At present, the debt broking community in India feels victimised. "If this tax is imposed the broker will be eliminated. The broking community, which consists of 1,500 to 2,000 people, are in danger of losing their jobs. Brokers had facilitated trades worth Rs 1,00,000 crore in the financial 2004," said Mr C.V. Krishna, Dealer, I-Caps, a debt market broker.

Market players and brokers on Saturday held a meeting in the city before their representations are made to the Finance Ministry on Monday.

"Along with the broker will go fine price discovery because how many players can a dealer talk to before making a deal. The brokers today give us quotes from several players, and, thereby ensure fine pricing," said a dealer.

Even in the developed countries such as the US, the debt market is mostly telephonic with the broker being an integral part of it.
Transaction tax - who all will be hurt?
Volumes slump as traders go on warpath

Mutual funds & FII's develop coldfeet over long term effect of Transaction Tax

Volumes slump as traders go on warpath


Mumbai: Day-traders, arbitrageurs and jobbers went on the warpath on Monday, cutting down their trading activity to bring the combined turnover on the stock exchanges to a one-year low.

After traders cold-shouldered the market, the combined turnover on the BSE and NSE fell to a little over Rs 3,900 crore, the lowest in the last one year, compared to the average daily trading volumes of Rs 7,100 crore. In the derivatives segment of the NSE, too, the turnover, at Rs 4,268 crore, was the lowest in nearly a year, compared to daily average volumes of Rs 9,600 crore.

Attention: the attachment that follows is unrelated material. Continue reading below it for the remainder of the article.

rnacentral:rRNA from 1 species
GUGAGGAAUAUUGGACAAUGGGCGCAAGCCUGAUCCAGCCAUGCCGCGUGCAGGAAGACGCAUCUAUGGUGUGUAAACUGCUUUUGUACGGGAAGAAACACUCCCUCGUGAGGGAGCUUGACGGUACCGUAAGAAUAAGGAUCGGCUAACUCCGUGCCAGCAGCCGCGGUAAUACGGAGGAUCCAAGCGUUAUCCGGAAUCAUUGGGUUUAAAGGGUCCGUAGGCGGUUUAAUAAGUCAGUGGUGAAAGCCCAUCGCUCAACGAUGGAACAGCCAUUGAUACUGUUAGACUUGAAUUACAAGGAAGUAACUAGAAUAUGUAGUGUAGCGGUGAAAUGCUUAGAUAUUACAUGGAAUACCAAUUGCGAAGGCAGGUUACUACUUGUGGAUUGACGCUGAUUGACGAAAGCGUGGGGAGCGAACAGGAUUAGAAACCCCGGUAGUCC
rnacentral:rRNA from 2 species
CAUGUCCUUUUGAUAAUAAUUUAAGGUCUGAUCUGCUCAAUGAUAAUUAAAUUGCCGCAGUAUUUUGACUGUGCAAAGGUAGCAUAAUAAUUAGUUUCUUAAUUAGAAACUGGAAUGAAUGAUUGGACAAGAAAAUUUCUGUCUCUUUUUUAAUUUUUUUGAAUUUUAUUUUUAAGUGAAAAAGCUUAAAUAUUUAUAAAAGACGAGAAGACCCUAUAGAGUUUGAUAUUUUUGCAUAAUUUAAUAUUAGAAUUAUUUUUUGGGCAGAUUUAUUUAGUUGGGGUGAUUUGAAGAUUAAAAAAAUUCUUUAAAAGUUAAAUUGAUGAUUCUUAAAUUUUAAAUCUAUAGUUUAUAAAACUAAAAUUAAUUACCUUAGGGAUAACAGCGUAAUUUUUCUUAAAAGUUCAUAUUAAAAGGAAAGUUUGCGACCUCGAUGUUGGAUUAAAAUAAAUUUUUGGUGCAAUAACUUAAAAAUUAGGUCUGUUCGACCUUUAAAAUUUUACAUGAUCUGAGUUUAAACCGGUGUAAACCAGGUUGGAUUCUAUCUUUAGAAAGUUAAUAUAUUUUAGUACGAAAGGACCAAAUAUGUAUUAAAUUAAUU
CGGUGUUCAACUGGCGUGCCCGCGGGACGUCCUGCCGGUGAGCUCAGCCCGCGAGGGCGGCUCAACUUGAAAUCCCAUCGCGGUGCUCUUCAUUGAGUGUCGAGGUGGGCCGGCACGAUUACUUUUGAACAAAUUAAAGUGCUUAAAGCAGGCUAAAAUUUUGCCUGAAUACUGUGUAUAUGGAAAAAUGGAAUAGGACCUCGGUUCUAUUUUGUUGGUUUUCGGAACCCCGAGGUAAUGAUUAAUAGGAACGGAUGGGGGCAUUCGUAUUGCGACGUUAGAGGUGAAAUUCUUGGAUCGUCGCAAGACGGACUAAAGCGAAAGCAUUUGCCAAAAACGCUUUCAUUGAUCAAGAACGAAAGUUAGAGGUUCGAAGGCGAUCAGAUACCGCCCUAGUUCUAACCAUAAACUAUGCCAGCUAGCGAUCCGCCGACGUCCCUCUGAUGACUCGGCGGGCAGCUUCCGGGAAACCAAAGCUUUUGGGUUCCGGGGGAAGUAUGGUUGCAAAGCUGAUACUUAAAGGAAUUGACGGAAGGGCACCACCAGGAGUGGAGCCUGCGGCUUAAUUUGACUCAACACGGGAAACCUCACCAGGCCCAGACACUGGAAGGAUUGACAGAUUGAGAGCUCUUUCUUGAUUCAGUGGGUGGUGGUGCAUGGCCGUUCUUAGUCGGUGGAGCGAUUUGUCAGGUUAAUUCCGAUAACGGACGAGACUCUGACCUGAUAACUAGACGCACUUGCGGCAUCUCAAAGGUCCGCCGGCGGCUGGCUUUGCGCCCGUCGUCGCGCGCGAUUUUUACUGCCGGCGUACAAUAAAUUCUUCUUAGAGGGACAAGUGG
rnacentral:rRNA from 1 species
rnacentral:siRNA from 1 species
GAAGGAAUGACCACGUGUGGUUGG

The traders have threatened to intensify their opposition to P Chidambarams turnover tax of 0.15% by going on a one-day strike on Tuesday. Market players said that could bring down the turnover to abysmally low levels.

With little to cheer in the market on Monday, the BSE Sensex ended flat at 4,945 points compared to Fridays close of 4,946. Intra-day, the index moved in a 51-point band between 4,917 and 4,968, in sharp contrast to the 200-pointplus range it traversed in the two days following the budget.

City parliamentarians are also joining the issue. Rajya Sabha member Murli Deora said he would lead a delegation of brokers on Tuesday to request the prime minister and the finance minister to modify the transaction tax proposal. According to Mr Deora, the tax rate is too high and moreover, it should be imposed only on delivery-based equity transactions, not on derivatives and bond market transactions.

The traders lobby is getting support from big institutional and foreign brokerage houses because a significant dip in trading volumes due to the tax could potentially hurt all market players. The chief of a foreign brokerage, for instance, wants the rate cut to 0.05% or 0.10% and applicable only to delivery-based transactions.